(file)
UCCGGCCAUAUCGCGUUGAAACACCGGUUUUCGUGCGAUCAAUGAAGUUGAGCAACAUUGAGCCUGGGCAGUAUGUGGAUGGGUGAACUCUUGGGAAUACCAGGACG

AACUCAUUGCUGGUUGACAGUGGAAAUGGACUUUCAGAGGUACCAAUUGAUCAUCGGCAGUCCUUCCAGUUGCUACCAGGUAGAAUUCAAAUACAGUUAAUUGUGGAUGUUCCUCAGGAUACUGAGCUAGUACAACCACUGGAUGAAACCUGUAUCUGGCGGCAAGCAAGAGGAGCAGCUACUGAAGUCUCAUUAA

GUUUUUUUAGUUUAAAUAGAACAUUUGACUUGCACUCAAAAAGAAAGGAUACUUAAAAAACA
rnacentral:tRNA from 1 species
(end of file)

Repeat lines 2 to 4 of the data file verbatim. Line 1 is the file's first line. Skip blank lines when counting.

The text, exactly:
AACUCAUUGCUGGUUGACAGUGGAAAUGGACUUUCAGAGGUACCAAUUGAUCAUCGGCAGUCCUUCCAGUUGCUACCAGGUAGAAUUCAAAUACAGUUAAUUGUGGAUGUUCCUCAGGAUACUGAGCUAGUACAACCACUGGAUGAAACCUGUAUCUGGCGGCAAGCAAGAGGAGCAGCUACUGAAGUCUCAUUAA

GUUUUUUUAGUUUAAAUAGAACAUUUGACUUGCACUCAAAAAGAAAGGAUACUUAAAAAACA
rnacentral:tRNA from 1 species